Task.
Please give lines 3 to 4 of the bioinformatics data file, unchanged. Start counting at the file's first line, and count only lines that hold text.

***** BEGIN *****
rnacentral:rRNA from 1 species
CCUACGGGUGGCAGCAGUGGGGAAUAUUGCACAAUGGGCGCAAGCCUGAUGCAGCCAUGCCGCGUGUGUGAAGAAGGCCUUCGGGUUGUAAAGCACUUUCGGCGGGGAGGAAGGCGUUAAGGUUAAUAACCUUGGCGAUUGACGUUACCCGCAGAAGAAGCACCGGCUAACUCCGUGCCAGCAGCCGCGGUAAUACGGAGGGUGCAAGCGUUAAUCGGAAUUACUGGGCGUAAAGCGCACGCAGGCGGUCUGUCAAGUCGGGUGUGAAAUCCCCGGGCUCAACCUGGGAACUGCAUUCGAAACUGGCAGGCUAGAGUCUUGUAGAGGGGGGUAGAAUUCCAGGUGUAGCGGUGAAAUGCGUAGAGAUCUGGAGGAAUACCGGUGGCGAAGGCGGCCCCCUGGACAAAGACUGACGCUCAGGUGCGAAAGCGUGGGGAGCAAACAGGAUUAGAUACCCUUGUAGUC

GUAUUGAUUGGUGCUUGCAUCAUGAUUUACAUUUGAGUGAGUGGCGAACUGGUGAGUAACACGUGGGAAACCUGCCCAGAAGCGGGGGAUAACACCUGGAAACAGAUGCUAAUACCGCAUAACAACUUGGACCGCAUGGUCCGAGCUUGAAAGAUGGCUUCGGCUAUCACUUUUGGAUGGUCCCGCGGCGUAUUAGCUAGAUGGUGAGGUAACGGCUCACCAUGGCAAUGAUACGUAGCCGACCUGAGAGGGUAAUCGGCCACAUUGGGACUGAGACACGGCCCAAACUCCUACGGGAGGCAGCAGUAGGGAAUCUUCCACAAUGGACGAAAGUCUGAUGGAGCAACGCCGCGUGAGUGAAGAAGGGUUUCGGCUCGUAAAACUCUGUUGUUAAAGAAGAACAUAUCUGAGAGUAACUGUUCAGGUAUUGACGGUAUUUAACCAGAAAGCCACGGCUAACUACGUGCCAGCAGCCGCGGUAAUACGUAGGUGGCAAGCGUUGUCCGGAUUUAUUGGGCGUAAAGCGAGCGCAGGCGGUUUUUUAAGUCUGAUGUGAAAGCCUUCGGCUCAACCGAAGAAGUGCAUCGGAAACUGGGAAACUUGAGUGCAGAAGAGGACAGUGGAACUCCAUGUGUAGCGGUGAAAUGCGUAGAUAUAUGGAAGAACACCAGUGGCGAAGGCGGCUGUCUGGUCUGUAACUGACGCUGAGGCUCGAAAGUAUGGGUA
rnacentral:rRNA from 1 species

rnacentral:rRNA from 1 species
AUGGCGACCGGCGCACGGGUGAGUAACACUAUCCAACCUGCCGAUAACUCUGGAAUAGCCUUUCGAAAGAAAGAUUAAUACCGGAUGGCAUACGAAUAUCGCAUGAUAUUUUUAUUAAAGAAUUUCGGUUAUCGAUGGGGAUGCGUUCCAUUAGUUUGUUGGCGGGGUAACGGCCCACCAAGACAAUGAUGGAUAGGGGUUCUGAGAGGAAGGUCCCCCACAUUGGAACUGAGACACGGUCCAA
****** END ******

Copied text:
GUAUUGAUUGGUGCUUGCAUCAUGAUUUACAUUUGAGUGAGUGGCGAACUGGUGAGUAACACGUGGGAAACCUGCCCAGAAGCGGGGGAUAACACCUGGAAACAGAUGCUAAUACCGCAUAACAACUUGGACCGCAUGGUCCGAGCUUGAAAGAUGGCUUCGGCUAUCACUUUUGGAUGGUCCCGCGGCGUAUUAGCUAGAUGGUGAGGUAACGGCUCACCAUGGCAAUGAUACGUAGCCGACCUGAGAGGGUAAUCGGCCACAUUGGGACUGAGACACGGCCCAAACUCCUACGGGAGGCAGCAGUAGGGAAUCUUCCACAAUGGACGAAAGUCUGAUGGAGCAACGCCGCGUGAGUGAAGAAGGGUUUCGGCUCGUAAAACUCUGUUGUUAAAGAAGAACAUAUCUGAGAGUAACUGUUCAGGUAUUGACGGUAUUUAACCAGAAAGCCACGGCUAACUACGUGCCAGCAGCCGCGGUAAUACGUAGGUGGCAAGCGUUGUCCGGAUUUAUUGGGCGUAAAGCGAGCGCAGGCGGUUUUUUAAGUCUGAUGUGAAAGCCUUCGGCUCAACCGAAGAAGUGCAUCGGAAACUGGGAAACUUGAGUGCAGAAGAGGACAGUGGAACUCCAUGUGUAGCGGUGAAAUGCGUAGAUAUAUGGAAGAACACCAGUGGCGAAGGCGGCUGUCUGGUCUGUAACUGACGCUGAGGCUCGAAAGUAUGGGUA
rnacentral:rRNA from 1 species